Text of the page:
Steve Buscemi found it "almost impossible" to process what he saw after the 9/11 terrorist attack in New York City
The 'Reservoir Dogs' actor used to be a firefighter in the city and answered a call to help out at the World Trade Centre site in 2001, and he admitted he was grateful that he already had sessions with a therapist because it helped him to talk through his feelings after a week working to find survivors
15 September 2021
He wrote in an essay for TIME magazine: "It actually felt good to be there. I was on the site for less than a week, but it wasn’t until I got home that the magnitude of it all caught up with me.
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"I was already seeing a therapist, and though it was almost impossible to process the enormity of what had happened, just having someone with whom to sit with all the feelings was a consolation. It’s not something first responders usually get.
"Announcing vulnerability is a hard thing for anyone, but especially for people whose primary identity is as a protector."
And though the 'Fargo' star and his fellow firefighters found the dust from the fallen towers "more of a nuisance" than anything else they found there, he shone a spotlight on the damage caused by the toxic chemicals on the site.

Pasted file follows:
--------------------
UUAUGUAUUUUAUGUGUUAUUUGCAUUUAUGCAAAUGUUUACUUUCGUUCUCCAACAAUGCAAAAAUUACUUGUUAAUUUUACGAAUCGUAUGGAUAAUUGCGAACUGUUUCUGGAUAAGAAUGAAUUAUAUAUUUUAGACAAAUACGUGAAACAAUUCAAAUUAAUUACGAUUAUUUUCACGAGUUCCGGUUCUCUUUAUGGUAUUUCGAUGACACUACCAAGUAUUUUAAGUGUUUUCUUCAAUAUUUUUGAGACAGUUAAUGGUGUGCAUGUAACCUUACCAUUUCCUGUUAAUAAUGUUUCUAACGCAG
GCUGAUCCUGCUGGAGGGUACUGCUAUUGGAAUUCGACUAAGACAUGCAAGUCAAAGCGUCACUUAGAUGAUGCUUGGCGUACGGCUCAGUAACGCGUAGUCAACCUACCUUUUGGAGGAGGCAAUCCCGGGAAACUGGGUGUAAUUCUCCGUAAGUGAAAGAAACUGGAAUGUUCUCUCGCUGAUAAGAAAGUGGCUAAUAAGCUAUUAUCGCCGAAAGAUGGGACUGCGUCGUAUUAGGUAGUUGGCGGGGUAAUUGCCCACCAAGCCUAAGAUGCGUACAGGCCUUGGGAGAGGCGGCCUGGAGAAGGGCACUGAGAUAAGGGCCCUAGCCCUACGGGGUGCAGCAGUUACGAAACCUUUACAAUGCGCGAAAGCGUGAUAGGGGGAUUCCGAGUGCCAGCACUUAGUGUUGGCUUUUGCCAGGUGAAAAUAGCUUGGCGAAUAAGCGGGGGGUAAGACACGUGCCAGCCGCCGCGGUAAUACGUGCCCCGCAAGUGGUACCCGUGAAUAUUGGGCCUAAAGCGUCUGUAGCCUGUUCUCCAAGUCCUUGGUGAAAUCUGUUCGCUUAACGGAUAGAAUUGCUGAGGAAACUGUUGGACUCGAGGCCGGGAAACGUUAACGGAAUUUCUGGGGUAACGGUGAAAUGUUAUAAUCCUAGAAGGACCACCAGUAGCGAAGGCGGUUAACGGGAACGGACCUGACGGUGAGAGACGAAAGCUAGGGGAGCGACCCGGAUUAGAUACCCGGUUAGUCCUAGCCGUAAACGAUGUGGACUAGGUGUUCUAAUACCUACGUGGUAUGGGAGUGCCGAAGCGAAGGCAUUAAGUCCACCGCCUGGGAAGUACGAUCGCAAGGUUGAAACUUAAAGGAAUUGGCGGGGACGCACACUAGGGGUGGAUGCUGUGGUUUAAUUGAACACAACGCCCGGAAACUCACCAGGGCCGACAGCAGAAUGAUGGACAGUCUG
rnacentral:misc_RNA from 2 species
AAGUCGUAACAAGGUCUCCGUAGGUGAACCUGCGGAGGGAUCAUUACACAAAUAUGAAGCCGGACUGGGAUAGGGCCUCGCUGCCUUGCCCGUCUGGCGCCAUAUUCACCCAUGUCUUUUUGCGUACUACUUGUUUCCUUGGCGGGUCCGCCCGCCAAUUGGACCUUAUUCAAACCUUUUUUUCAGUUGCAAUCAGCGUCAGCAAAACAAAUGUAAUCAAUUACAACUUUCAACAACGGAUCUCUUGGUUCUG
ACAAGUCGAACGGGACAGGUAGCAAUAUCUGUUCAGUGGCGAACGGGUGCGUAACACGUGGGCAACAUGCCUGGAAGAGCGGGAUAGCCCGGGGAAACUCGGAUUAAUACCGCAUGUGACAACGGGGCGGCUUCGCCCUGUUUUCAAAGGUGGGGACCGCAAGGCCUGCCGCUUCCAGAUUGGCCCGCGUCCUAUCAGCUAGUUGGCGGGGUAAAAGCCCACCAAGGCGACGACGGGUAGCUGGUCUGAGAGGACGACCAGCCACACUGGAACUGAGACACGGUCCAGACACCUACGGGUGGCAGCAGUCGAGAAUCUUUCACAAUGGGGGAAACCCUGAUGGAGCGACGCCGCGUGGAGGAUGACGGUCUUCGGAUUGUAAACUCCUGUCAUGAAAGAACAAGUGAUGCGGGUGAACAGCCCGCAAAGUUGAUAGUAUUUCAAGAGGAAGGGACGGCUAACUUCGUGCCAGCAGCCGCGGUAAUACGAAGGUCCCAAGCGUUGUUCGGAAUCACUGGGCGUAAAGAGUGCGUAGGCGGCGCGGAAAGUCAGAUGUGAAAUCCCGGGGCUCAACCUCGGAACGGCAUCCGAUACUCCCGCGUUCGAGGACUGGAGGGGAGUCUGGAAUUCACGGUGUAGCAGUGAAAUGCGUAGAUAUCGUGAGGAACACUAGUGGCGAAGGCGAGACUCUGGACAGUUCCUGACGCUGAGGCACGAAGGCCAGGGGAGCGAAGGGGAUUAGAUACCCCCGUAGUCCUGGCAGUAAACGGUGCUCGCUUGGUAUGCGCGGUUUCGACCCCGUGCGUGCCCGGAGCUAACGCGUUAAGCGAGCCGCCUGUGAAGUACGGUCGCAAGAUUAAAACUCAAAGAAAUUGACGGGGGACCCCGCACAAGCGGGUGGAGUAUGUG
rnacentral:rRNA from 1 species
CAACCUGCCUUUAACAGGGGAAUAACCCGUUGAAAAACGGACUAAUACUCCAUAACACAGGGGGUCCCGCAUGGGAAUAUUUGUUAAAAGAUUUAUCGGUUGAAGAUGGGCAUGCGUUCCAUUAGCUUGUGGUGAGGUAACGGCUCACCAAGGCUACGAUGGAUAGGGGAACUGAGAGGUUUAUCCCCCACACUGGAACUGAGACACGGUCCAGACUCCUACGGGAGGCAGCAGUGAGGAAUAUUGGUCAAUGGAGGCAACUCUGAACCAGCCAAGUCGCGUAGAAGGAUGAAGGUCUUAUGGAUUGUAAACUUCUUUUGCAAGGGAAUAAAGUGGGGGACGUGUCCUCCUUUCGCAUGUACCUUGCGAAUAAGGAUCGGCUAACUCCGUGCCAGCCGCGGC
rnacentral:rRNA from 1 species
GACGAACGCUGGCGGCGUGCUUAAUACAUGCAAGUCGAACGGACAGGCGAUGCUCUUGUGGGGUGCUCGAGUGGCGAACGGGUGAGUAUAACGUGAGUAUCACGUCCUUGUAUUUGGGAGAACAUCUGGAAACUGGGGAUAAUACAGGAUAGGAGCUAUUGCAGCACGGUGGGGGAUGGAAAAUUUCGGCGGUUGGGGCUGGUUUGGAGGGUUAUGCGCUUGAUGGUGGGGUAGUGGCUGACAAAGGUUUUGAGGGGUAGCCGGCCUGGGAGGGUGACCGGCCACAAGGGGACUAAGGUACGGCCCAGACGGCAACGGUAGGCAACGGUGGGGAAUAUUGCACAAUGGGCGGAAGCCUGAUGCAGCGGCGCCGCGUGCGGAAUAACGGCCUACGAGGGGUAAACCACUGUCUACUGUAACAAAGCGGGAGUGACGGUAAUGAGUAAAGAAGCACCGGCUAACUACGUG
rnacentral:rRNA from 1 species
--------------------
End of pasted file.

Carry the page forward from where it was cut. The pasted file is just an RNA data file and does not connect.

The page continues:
He wrote: "Pulverised concrete and who-knows-what that clogged a face mask, so fast you worked better without one," Buscemi wrote. "Somebody'd say, 'This is probably going to kill us in 20 years.'
"Well, it didn't take 20 years. Debilitating chronic conditions surfaced before the pile was even cleared. Today more people are thought to have died from toxic exposure at the 9/11 site than died that day.
"It was of course thick with carcinogens. "But had the truth been shared with the firefighters, I'm pretty sure they would have kept right on working."
Steve urged people to "never forget" what happened, particularly because the tragedy is still having a serious impact on people's lives.
He concluded: " 'Never forget,' everyone said. Some people have no choice. What's surprising is who has to be reminded. Shortly after the attack, Congress created a Victim Compensation Fund to help first responders cope with the aftermath of the day.
"When the money began to run out, survivors had to launch a lobbying campaign to secure permanent funding, which finally came in 2019.
"It was an effort led by Jon Stewart and activist John Feal and backed by every former firefighter who cannot laugh without coughing, and every family member who pretends not to notice.
"Never forget, because people are still struggling. People are still dying."
In 2019, the Senate passed a bill which extends funds for 9/11 victims, responders and their families into the next century.